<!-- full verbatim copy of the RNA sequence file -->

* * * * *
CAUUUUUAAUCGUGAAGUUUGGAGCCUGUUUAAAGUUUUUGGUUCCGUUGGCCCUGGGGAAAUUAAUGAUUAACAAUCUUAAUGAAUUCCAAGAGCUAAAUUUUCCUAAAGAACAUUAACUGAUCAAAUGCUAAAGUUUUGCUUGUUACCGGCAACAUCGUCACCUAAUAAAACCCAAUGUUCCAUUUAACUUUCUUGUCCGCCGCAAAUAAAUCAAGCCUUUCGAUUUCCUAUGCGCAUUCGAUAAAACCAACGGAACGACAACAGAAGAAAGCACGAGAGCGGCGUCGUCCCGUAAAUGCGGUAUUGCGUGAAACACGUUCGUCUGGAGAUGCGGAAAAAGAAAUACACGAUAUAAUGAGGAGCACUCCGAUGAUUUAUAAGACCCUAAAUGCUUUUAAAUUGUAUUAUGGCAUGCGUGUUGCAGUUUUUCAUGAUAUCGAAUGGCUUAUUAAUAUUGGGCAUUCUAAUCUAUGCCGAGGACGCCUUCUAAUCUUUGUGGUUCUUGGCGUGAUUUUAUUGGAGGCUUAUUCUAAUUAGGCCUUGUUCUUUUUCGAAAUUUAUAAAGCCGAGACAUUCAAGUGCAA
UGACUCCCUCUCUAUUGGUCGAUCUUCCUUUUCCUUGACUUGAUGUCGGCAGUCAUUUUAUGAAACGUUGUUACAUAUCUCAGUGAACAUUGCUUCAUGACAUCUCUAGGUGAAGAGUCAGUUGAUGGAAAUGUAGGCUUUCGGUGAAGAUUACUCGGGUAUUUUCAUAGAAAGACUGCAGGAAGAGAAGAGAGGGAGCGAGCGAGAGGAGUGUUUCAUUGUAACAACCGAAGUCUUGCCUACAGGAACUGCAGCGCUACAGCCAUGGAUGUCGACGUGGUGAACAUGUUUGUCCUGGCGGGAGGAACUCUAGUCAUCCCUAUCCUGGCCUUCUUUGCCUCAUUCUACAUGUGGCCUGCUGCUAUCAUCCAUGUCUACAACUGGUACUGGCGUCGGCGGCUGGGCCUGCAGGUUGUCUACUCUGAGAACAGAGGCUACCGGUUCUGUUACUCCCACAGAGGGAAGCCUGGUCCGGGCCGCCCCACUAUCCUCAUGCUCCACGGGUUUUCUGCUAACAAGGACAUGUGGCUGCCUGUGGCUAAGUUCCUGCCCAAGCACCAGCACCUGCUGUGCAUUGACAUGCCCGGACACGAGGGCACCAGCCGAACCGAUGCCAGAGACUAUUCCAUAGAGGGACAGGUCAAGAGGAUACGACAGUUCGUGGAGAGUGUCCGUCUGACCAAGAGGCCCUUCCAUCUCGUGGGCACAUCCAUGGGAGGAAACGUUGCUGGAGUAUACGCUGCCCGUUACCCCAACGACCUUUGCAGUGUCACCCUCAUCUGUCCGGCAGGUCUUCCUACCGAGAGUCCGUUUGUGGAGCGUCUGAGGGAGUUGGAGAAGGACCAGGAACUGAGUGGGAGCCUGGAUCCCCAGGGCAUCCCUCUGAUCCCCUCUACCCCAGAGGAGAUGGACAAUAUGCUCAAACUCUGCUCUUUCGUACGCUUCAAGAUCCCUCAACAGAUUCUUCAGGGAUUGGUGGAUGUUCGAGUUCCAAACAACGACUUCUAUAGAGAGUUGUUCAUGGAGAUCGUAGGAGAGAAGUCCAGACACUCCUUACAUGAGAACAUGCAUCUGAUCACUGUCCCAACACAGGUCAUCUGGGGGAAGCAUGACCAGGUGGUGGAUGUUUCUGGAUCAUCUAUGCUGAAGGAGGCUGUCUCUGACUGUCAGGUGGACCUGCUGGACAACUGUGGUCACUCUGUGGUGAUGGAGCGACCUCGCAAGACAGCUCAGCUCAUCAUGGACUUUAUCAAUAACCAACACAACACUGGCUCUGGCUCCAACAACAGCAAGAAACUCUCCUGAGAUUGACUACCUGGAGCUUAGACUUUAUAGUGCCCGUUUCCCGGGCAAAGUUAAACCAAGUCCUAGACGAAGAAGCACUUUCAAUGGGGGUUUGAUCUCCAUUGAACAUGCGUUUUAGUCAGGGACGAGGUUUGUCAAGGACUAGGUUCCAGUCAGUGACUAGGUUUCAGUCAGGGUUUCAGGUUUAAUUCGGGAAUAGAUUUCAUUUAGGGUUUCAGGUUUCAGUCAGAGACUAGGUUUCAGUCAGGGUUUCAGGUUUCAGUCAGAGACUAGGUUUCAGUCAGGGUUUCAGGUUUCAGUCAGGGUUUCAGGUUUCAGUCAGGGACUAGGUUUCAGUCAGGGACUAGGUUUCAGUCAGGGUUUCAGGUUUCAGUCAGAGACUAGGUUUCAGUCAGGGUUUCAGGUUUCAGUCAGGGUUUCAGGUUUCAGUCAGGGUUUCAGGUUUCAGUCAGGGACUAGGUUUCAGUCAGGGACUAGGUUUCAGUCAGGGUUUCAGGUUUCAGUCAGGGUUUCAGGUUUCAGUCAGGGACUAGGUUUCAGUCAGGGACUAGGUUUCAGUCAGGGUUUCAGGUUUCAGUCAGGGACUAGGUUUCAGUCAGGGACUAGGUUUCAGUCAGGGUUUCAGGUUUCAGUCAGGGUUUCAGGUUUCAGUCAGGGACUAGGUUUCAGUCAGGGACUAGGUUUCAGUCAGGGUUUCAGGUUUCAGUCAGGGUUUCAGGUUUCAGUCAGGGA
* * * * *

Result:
CAUUUUUAAUCGUGAAGUUUGGAGCCUGUUUAAAGUUUUUGGUUCCGUUGGCCCUGGGGAAAUUAAUGAUUAACAAUCUUAAUGAAUUCCAAGAGCUAAAUUUUCCUAAAGAACAUUAACUGAUCAAAUGCUAAAGUUUUGCUUGUUACCGGCAACAUCGUCACCUAAUAAAACCCAAUGUUCCAUUUAACUUUCUUGUCCGCCGCAAAUAAAUCAAGCCUUUCGAUUUCCUAUGCGCAUUCGAUAAAACCAACGGAACGACAACAGAAGAAAGCACGAGAGCGGCGUCGUCCCGUAAAUGCGGUAUUGCGUGAAACACGUUCGUCUGGAGAUGCGGAAAAAGAAAUACACGAUAUAAUGAGGAGCACUCCGAUGAUUUAUAAGACCCUAAAUGCUUUUAAAUUGUAUUAUGGCAUGCGUGUUGCAGUUUUUCAUGAUAUCGAAUGGCUUAUUAAUAUUGGGCAUUCUAAUCUAUGCCGAGGACGCCUUCUAAUCUUUGUGGUUCUUGGCGUGAUUUUAUUGGAGGCUUAUUCUAAUUAGGCCUUGUUCUUUUUCGAAAUUUAUAAAGCCGAGACAUUCAAGUGCAA
UGACUCCCUCUCUAUUGGUCGAUCUUCCUUUUCCUUGACUUGAUGUCGGCAGUCAUUUUAUGAAACGUUGUUACAUAUCUCAGUGAACAUUGCUUCAUGACAUCUCUAGGUGAAGAGUCAGUUGAUGGAAAUGUAGGCUUUCGGUGAAGAUUACUCGGGUAUUUUCAUAGAAAGACUGCAGGAAGAGAAGAGAGGGAGCGAGCGAGAGGAGUGUUUCAUUGUAACAACCGAAGUCUUGCCUACAGGAACUGCAGCGCUACAGCCAUGGAUGUCGACGUGGUGAACAUGUUUGUCCUGGCGGGAGGAACUCUAGUCAUCCCUAUCCUGGCCUUCUUUGCCUCAUUCUACAUGUGGCCUGCUGCUAUCAUCCAUGUCUACAACUGGUACUGGCGUCGGCGGCUGGGCCUGCAGGUUGUCUACUCUGAGAACAGAGGCUACCGGUUCUGUUACUCCCACAGAGGGAAGCCUGGUCCGGGCCGCCCCACUAUCCUCAUGCUCCACGGGUUUUCUGCUAACAAGGACAUGUGGCUGCCUGUGGCUAAGUUCCUGCCCAAGCACCAGCACCUGCUGUGCAUUGACAUGCCCGGACACGAGGGCACCAGCCGAACCGAUGCCAGAGACUAUUCCAUAGAGGGACAGGUCAAGAGGAUACGACAGUUCGUGGAGAGUGUCCGUCUGACCAAGAGGCCCUUCCAUCUCGUGGGCACAUCCAUGGGAGGAAACGUUGCUGGAGUAUACGCUGCCCGUUACCCCAACGACCUUUGCAGUGUCACCCUCAUCUGUCCGGCAGGUCUUCCUACCGAGAGUCCGUUUGUGGAGCGUCUGAGGGAGUUGGAGAAGGACCAGGAACUGAGUGGGAGCCUGGAUCCCCAGGGCAUCCCUCUGAUCCCCUCUACCCCAGAGGAGAUGGACAAUAUGCUCAAACUCUGCUCUUUCGUACGCUUCAAGAUCCCUCAACAGAUUCUUCAGGGAUUGGUGGAUGUUCGAGUUCCAAACAACGACUUCUAUAGAGAGUUGUUCAUGGAGAUCGUAGGAGAGAAGUCCAGACACUCCUUACAUGAGAACAUGCAUCUGAUCACUGUCCCAACACAGGUCAUCUGGGGGAAGCAUGACCAGGUGGUGGAUGUUUCUGGAUCAUCUAUGCUGAAGGAGGCUGUCUCUGACUGUCAGGUGGACCUGCUGGACAACUGUGGUCACUCUGUGGUGAUGGAGCGACCUCGCAAGACAGCUCAGCUCAUCAUGGACUUUAUCAAUAACCAACACAACACUGGCUCUGGCUCCAACAACAGCAAGAAACUCUCCUGAGAUUGACUACCUGGAGCUUAGACUUUAUAGUGCCCGUUUCCCGGGCAAAGUUAAACCAAGUCCUAGACGAAGAAGCACUUUCAAUGGGGGUUUGAUCUCCAUUGAACAUGCGUUUUAGUCAGGGACGAGGUUUGUCAAGGACUAGGUUCCAGUCAGUGACUAGGUUUCAGUCAGGGUUUCAGGUUUAAUUCGGGAAUAGAUUUCAUUUAGGGUUUCAGGUUUCAGUCAGAGACUAGGUUUCAGUCAGGGUUUCAGGUUUCAGUCAGAGACUAGGUUUCAGUCAGGGUUUCAGGUUUCAGUCAGGGUUUCAGGUUUCAGUCAGGGACUAGGUUUCAGUCAGGGACUAGGUUUCAGUCAGGGUUUCAGGUUUCAGUCAGAGACUAGGUUUCAGUCAGGGUUUCAGGUUUCAGUCAGGGUUUCAGGUUUCAGUCAGGGUUUCAGGUUUCAGUCAGGGACUAGGUUUCAGUCAGGGACUAGGUUUCAGUCAGGGUUUCAGGUUUCAGUCAGGGUUUCAGGUUUCAGUCAGGGACUAGGUUUCAGUCAGGGACUAGGUUUCAGUCAGGGUUUCAGGUUUCAGUCAGGGACUAGGUUUCAGUCAGGGACUAGGUUUCAGUCAGGGUUUCAGGUUUCAGUCAGGGUUUCAGGUUUCAGUCAGGGACUAGGUUUCAGUCAGGGACUAGGUUUCAGUCAGGGUUUCAGGUUUCAGUCAGGGUUUCAGGUUUCAGUCAGGGA